Frontline health care workers in Massachusetts on Tuesday became among the first in the state to get doses of the coronavirus vaccine made by Pfizer and BioNTech.
The vaccine was authorized last week by the Food and Drug Administration for emergency use; it's the first vaccine of its kind in the U.S.
A similar one, developed by Cambridge-based Moderna, goes before the FDA for emergency authorization next week.
Dr. Dani Hackner is a pulmonologist and the chief clinical officer for Southcoast Health System, which operates hospitals in New Bedford, Fall River, and Wareham. Hackner and several of his colleagues received the coronavirus vaccine Tuesday; he spoke with WBUR's Jack Lepiarz about why he decided to get vaccinated as soon as he could.
Dr. Dani Hackner: "First off, it's a safe vaccine and we want as many of our frontline staff [as possible] to take the vaccine. And I'll be working in the ICU on Christmas Day. It's a good time for me to take the vaccine and stand with the rest of my colleagues in protecting ourselves and protecting the patients and the community ... We have a very careful prioritization of our frontline staff [for getting the vaccine], starting with our emergency department staff, our ICU staff, our nurses, doctors ... respiratory therapists in COVID areas, and then throughout the rest of the hospital's urgent care [and] testing centers. I think it's important for folks to know that the leaders are willing to do the same — get vaccinated — and believe in the vaccine."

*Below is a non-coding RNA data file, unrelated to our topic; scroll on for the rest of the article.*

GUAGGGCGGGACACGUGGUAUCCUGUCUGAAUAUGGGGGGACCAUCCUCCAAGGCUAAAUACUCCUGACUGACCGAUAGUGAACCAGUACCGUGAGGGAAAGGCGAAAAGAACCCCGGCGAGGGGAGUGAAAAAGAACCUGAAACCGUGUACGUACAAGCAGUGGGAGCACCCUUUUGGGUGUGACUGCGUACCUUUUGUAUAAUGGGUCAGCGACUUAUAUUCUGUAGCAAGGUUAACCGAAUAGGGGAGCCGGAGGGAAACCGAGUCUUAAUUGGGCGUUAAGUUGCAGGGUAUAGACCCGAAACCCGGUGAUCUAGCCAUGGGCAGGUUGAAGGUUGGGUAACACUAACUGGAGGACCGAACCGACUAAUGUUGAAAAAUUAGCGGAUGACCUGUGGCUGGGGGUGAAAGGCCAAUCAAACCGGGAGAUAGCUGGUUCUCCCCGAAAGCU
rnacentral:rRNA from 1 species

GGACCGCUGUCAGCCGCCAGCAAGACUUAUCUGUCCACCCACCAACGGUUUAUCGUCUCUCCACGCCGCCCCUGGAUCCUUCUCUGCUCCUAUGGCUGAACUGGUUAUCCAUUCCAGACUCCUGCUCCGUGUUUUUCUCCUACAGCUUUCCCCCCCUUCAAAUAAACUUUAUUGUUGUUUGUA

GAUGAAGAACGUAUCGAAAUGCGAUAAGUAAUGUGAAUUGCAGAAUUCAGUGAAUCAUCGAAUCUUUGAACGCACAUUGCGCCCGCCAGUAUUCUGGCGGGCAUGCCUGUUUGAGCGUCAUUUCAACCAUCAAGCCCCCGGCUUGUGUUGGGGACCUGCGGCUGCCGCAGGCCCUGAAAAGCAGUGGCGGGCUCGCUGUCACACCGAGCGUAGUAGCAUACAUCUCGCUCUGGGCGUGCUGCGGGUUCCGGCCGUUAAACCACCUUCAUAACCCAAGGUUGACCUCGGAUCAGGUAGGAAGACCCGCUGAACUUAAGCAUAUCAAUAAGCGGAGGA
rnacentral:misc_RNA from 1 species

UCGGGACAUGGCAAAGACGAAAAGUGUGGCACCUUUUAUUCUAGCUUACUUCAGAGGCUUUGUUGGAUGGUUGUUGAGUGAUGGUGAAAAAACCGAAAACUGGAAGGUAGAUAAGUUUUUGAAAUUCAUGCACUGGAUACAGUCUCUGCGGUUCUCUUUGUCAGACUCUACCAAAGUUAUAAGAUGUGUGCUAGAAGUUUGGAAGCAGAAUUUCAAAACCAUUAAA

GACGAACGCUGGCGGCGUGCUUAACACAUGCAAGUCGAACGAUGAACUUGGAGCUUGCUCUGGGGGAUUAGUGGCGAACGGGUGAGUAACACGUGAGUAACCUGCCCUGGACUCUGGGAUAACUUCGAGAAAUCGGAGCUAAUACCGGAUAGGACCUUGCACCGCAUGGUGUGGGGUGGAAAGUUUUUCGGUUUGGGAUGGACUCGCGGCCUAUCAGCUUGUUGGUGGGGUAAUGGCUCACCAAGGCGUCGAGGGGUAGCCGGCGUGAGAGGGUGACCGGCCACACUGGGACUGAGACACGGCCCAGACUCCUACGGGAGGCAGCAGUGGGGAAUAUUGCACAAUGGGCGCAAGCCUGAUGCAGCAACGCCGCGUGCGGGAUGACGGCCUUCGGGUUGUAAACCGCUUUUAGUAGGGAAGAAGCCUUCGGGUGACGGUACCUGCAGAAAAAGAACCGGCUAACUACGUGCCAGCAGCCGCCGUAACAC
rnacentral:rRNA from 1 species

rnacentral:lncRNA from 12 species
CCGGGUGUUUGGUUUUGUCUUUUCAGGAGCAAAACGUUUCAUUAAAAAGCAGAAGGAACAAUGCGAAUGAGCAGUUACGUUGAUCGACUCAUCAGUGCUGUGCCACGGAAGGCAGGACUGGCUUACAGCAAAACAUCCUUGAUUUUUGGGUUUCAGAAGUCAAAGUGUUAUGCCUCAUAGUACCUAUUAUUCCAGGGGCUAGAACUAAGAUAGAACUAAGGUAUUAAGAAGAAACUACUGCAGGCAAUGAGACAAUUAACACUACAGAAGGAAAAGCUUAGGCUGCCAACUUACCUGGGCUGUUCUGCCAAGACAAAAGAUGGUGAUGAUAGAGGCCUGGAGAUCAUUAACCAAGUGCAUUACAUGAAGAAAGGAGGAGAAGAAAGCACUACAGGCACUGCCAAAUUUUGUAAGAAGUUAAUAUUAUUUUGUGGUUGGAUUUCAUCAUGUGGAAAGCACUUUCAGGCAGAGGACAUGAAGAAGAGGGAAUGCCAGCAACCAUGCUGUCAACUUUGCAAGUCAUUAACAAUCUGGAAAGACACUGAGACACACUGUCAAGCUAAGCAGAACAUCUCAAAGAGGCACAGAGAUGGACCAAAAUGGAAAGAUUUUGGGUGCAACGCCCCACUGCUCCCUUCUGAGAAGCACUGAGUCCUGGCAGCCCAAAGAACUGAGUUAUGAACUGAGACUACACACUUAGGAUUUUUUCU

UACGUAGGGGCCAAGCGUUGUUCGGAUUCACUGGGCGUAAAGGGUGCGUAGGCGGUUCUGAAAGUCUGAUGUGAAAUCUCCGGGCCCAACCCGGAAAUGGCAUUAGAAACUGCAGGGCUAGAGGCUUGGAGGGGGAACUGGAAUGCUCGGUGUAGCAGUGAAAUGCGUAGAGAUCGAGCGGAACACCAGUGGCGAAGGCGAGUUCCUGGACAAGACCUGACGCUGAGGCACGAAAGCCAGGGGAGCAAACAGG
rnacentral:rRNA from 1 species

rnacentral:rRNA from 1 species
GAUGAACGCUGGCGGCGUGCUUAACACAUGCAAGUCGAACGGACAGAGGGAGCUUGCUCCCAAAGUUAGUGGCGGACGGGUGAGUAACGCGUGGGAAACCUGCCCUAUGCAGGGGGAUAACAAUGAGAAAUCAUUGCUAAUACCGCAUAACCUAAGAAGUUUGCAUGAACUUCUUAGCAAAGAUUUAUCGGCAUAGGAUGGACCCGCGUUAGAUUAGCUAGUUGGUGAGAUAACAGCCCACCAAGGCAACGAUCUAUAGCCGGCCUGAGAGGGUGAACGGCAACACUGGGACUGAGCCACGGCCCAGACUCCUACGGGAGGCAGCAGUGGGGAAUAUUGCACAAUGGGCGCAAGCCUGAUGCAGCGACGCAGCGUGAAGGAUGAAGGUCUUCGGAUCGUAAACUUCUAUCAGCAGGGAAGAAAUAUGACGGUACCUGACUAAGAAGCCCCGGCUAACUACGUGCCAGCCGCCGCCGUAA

On whether he had any hesitation:
"I do expect in the next day to have a sore arm. Maybe I'll have a low-grade fever or some achiness. So, you know, I don't look forward to that. But I know it's going to be hours, maybe a day or two, but no chance of getting the virus from the vaccine."
On the emotional impact of getting the vaccine:
"Well, it's very touching — the story of the two scientists who helped to develop this, who worked for years on mRNA vaccines — [along with] the work of all of our staff ... really with so much professionalism, so much kindness, so much calmness. And so I'm quite humbled by the staff around me. And I want to set an example, but also I want to express my thanks for being able to get the vaccine when many other folks will need to wait."
On whether anything will change in terms of how he goes about his life once he gets the second and final dose of the vaccine:
"Yes and no. So after the first dose, you see roughly about a 50% risk reduction. After the second dose, about 10 days after that, you see approximately a 90% to 95% efficacy — a 20-fold risk reduction. And so at that point, there's a great deal more safety for health care providers. But we don't have much evidence about whether folks who are vaccinated can still spread COVID. So what doesn't change is we continue to mask, we continue to use high protection when we're close to staff and patients, strong hand hygiene, personal protective equipment with COVID patients ... But once you combine the number of vaccinated individuals with the number of masked individuals, you get up to levels where you can prevent spread and prevent harm to patients and the community as a whole."
On his overriding thought as this milestone is reached:
"Well, first off, we're saddened at the numbers of lives lost. It's every week that I hear from one of our providers how they really regretted losing another life to COVID, despite everything that possibly could be done being done. It's sometimes referred to as heroic work. I don't see it as that. It's really humbling work. So it's sort of a sad time at this time in health care. But there is a light on the horizon with multiple vaccines with very good science behind them ... So a lot of mixed emotions, as, you know, someone like myself goes into work and hopes to make a small impact."
This segment aired on December 15, 2020.